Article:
8 Oct, 12 | by Alistair Lindsay
In recent years invasive coronary angiography (ICA) has been supplemented by the measurement of fractional flow reserve (FFR) to determine whether a coronary stenosis impairs delivery of oxygen to the heart. However this technique has not previously been available through non-invasive methods. While the use of coronary computed tomography (CT) calcium scoring and angiography has been increasing, it remains a limitation of the technique that the haemodynamic significance of any lesions seen cannot be assessed.
The DeFACTO (Determination of Fractional Flow Reserve by Anatomic Computed Tomographic Angiography) study determined whether a noninvasive calculation of FFR derived from computational fluid dynamics (FFRCT) could diagnose haemodynamically significant coronary artery disease, using invasive FFR as the reference standard.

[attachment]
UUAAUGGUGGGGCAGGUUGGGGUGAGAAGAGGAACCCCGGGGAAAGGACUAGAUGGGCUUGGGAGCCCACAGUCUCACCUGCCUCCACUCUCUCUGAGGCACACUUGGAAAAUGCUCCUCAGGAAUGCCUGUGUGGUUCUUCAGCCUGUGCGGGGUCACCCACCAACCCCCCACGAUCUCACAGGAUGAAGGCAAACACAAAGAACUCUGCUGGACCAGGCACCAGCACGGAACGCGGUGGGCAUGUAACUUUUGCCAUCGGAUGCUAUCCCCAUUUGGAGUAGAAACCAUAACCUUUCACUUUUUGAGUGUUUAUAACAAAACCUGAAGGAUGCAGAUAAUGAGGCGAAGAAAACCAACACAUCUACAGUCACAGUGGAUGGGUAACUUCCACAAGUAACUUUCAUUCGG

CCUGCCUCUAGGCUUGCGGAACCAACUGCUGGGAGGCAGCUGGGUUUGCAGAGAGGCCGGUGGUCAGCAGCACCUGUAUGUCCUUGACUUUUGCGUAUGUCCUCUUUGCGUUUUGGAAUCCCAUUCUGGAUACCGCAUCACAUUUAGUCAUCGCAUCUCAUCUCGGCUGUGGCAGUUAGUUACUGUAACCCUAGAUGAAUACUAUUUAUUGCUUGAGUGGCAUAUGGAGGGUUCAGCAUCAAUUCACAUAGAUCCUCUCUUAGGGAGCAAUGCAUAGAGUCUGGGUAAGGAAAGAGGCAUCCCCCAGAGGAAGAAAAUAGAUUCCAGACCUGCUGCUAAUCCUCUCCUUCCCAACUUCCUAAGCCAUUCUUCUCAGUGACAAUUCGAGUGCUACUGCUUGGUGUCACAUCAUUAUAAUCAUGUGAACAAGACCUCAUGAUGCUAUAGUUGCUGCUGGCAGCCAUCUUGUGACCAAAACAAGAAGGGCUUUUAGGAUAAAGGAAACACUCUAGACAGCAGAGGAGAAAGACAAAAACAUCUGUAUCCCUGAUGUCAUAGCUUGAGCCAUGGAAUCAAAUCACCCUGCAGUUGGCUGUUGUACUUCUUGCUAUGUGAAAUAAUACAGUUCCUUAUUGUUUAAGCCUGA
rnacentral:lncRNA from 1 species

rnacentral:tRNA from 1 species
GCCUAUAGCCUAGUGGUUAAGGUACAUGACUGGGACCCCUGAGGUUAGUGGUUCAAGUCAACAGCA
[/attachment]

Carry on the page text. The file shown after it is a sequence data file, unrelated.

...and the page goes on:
The study involved 252 stable patients with known or suspected coronary disease from 17 centers in 5 countries, all of whom under went CT, coronary angiography with FFR measurement, and FFRCT. The accuracy of FFRCT and CT for the diagnosis of ischaemia was compared to invasive FFR as the reference standard. The main outcome measure was whether FFRCT plus CT could improve the per-patient diagnostic accuracy.
137 participants in the study (54.4%) had an abnormal FFR. Although the study did not achieve its prespecified primary outcome goal, compared with obstructive coronary disease diagnosed by CT alone, FFRCT was associated with improved discrimination (P<.001).
The use of noninvasive FFRCT plus CT was associated with improved diagnostic accuracy vs CT alone for the diagnosis of haemodynamically significant coronary artery disease.
• Min JK, Leipsic J, Pencina MJ et al. Diagnostic Accuracy of Fractional Flow Reserve From Anatomic CT Angiography. JAMA 2012;308:doi:10.1001/2012.jama.11274.